Group is cloning, replanting ancient trees
COPEMISH, Mich. — Redwoods and sequoias towering majestically over California’s northern coast. Oaks up to 1,000 years old nestled in a secluded corner of Ireland. The legendary cedars of Lebanon.
They are all remnants of once-vast populations decimated by logging, development, pollution, and disease. A nonprofit organization called Archangel Ancient Tree Archive is rushing to collect their genetic material and replant clones to help restore the world’s ancient forests and put them to work cleansing the environment and absorbing carbon dioxide, which is largely responsible for global warming.
“In our infinite wisdom, we’ve destroyed 98 percent of the old-growth forests that kept nature in balance for thousands of years,’’ said David Milarch, the group’s cofounder. “That’s what we intend to put back.’’
Milarch, a tree nursery operator from the northern Michigan village of Copemish, and his sons Jared and Jake have been producing genetic copies of ancient trees since the 1990s. They have joined with Leslie Lee, an Elk Rapids businesswoman, and a team of researchers to establish the Archangel Archive, which has a staff of 17 and an indoor tree research and production complex.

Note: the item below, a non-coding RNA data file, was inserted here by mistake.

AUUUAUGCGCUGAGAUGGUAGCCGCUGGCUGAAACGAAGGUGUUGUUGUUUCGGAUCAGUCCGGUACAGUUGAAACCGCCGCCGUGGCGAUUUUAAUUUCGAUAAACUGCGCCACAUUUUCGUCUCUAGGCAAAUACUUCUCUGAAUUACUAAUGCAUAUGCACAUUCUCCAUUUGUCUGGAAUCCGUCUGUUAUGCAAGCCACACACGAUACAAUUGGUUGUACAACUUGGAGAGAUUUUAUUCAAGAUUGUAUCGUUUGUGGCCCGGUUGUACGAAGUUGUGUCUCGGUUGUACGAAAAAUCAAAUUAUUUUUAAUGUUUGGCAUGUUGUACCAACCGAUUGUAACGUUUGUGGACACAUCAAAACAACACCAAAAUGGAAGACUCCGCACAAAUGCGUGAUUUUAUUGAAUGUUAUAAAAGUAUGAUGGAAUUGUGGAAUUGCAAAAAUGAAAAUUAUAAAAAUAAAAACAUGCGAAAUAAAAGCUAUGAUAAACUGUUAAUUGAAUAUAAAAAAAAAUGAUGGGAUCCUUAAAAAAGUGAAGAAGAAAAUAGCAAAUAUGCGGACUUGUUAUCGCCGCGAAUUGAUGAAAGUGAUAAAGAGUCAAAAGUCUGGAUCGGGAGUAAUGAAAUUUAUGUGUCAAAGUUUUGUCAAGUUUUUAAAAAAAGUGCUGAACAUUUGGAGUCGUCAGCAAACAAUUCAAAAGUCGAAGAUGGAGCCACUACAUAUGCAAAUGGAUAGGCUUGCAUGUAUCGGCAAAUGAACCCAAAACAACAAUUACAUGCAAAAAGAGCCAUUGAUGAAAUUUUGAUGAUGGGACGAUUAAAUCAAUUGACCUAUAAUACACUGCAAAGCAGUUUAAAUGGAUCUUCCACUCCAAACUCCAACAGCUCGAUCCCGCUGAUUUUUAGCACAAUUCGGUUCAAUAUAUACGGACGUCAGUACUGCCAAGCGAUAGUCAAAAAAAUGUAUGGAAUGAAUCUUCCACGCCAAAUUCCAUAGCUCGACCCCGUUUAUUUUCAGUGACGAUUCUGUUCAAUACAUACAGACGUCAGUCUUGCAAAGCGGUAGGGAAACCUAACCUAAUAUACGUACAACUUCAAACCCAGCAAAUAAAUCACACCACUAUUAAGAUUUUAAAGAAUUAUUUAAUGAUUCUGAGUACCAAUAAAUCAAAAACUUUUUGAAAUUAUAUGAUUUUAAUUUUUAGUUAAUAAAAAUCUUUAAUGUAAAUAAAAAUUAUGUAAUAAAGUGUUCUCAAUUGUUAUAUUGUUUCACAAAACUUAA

Its mission: Clone the oldest and largest individuals within the world’s most ecologically valuable tree species, and persuade people to buy and plant millions of copies — on factory grounds and college campuses; along riverbanks and city streets; in forests, farms, parks and back yards.
“The number of these ancient survivors that go in the ground will be the ultimate measure of our success,’’ said Lee, who donated several million dollars to get the project off the ground and serves as board chairwoman.
Scientific opinion varies on whether trees that survive for centuries have superior genes, like champion race horses, or simply have been in the right places at the right times to avoid fires, diseases, and other misfortunes.
But Archangel Archive is a true believer in the super-tree idea. The group has tracked down and cloned some of the biggest and oldest of more than 60 species and is developing inventories.
The plan is eventually to produce copies of 200 varieties that are considered crucial.